Living systems exhibit features distinct from nonliving physical systems: their structure and behaviors appear to be chosen adaptive. They are the outcomes of evolution. Mathematical formalisms developed in engineering and social sciences (e.g. control theory, game theory, evolutionary game theory) are sometimes very useful in biology.
Venue: via Zoom
Event Official Language: English

RIKEN Open Campus in Kobe
November 9 (Sat) at 10:00  16:30, 2019
Dr. Takumi Doi (Senior Research Scientist, iTHEMS / Senior Research Scientist, Quantum Hadron Physics Laboratory, RIKEN Nishina Center for AcceleratorBased Science (RNC))
RIKEN Open Campus in Kobe will be held on Nov.9, 2019. Dr. Emiko Hiyama (Kyushu Univ.) and Dr. Takumi Doi (Nishina Center / iTHEMS) will give lectures on computational nuclear and particle physics at Kobe IIB building where SUURICOOL Kobe is located. Please inform the news to anybody who are interested in visiting RIKEN Kobe.
Venue: Integrated Innovation Building (IIB)
Event Official Language: Japanese

Outlook for Industrial Applications of Quantum Computers
September 4 (Wed) at 15:30  18:00, 2019
Dr. Yuya Nakagawa (QunaSys Inc.)
Venue: Okochi Hall
Broadcast:R311, Computational Science Research Building / SUURICOOL (Kyoto) / SUURICOOL (Sendai)
Event Official Language: Japanese

SUURICOOL (Kyushu) Lecture
July 31 (Wed)  August 2 (Fri), 2019
Dr. Takumi Doi (Senior Research Scientist, iTHEMS / Senior Research Scientist, Quantum Hadron Physics Laboratory, RIKEN Nishina Center for AcceleratorBased Science (RNC))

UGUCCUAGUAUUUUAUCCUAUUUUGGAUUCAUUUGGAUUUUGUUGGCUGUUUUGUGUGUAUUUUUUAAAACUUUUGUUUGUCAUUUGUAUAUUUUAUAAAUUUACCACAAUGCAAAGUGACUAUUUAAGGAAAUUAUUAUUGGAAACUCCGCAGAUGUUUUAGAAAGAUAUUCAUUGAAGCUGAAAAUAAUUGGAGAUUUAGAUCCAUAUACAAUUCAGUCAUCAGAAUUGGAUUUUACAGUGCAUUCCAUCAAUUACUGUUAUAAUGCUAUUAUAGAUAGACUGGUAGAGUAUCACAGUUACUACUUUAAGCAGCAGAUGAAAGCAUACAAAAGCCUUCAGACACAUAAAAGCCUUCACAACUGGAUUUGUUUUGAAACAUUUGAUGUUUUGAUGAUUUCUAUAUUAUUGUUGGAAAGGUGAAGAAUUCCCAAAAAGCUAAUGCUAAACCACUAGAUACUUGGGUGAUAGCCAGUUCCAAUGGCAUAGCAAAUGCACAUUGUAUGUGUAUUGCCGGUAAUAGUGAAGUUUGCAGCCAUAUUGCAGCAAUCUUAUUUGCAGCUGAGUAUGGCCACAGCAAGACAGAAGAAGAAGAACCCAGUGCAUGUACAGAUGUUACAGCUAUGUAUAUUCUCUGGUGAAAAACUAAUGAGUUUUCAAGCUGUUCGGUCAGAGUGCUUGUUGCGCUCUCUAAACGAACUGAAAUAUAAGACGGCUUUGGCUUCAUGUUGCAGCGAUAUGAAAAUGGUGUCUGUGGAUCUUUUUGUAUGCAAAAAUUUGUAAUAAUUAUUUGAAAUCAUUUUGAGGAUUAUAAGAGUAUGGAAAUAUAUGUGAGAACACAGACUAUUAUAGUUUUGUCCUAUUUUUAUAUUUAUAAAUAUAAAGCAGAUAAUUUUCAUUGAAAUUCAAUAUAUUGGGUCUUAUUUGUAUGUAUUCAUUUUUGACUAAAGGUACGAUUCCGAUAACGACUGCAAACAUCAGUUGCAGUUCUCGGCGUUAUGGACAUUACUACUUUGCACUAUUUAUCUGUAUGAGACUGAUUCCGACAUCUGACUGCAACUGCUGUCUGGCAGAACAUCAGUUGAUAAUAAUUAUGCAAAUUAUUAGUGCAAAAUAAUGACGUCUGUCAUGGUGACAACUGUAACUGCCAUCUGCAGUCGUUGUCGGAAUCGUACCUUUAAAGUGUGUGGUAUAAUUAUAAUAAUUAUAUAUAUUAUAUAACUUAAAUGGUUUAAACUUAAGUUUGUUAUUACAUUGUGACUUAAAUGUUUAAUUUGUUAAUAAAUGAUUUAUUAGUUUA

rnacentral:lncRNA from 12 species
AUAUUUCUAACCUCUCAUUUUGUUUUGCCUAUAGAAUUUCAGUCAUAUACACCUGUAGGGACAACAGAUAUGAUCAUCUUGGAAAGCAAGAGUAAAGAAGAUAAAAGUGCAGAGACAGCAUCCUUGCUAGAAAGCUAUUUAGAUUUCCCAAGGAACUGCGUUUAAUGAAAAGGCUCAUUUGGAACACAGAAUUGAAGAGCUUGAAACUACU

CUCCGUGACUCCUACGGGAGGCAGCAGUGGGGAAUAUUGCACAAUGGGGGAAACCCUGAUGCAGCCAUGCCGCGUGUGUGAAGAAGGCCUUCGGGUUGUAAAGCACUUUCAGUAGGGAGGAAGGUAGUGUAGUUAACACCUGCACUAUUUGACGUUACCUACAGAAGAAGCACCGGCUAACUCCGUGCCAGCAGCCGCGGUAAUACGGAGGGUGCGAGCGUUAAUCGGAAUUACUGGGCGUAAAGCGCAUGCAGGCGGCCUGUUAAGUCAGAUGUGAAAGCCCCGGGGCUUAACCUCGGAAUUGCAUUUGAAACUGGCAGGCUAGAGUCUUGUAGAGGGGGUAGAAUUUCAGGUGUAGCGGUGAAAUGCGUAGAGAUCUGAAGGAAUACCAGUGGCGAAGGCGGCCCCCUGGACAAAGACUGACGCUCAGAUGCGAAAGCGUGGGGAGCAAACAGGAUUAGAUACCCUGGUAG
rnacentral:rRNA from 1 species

SUURICOOL (Kyushu) at the Itocampus of Kyushu Univ. will be launched on July 31, 2019. As a first event at SUURICOOL (Kyushu), the following lecture by Takumi Doi (RIKEN Nishina Center/iTHEMS) will be held. Feel free to join if you will be around Itocampus. Nuclei, manybody systems of baryons as protons and neutrons, are ultimately consist of elementary particles of quarks and gluons and their properties are governed by quantum chromodynamics (QCD). Recently, a new theoretical method is developing in lattice QCD, the firstprinciples calculation of QCD, and the new era is dawning where nuclear physics is constructed directly based on QCD. In this lecture, I first introduce the formulation of lattice QCD. I will then discuss the theoretical foundation and the latest numerical results about the lattice QCD study of hadron interactions, the key quantities to construct nuclear physics from QCD. I will also give a lecture on computational science, in particular, about supercomputers.
Venue: SUURICOOL (Kyushu)
Event Official Language: English

Lecture
First M87 Event Horizon Telescope Results: The Shadow of the Supermassive Black Hole
May 24 (Fri) at 14:00  15:00, 2019
Dr. Yosuke Mizuno (Frankfurt University, Germany)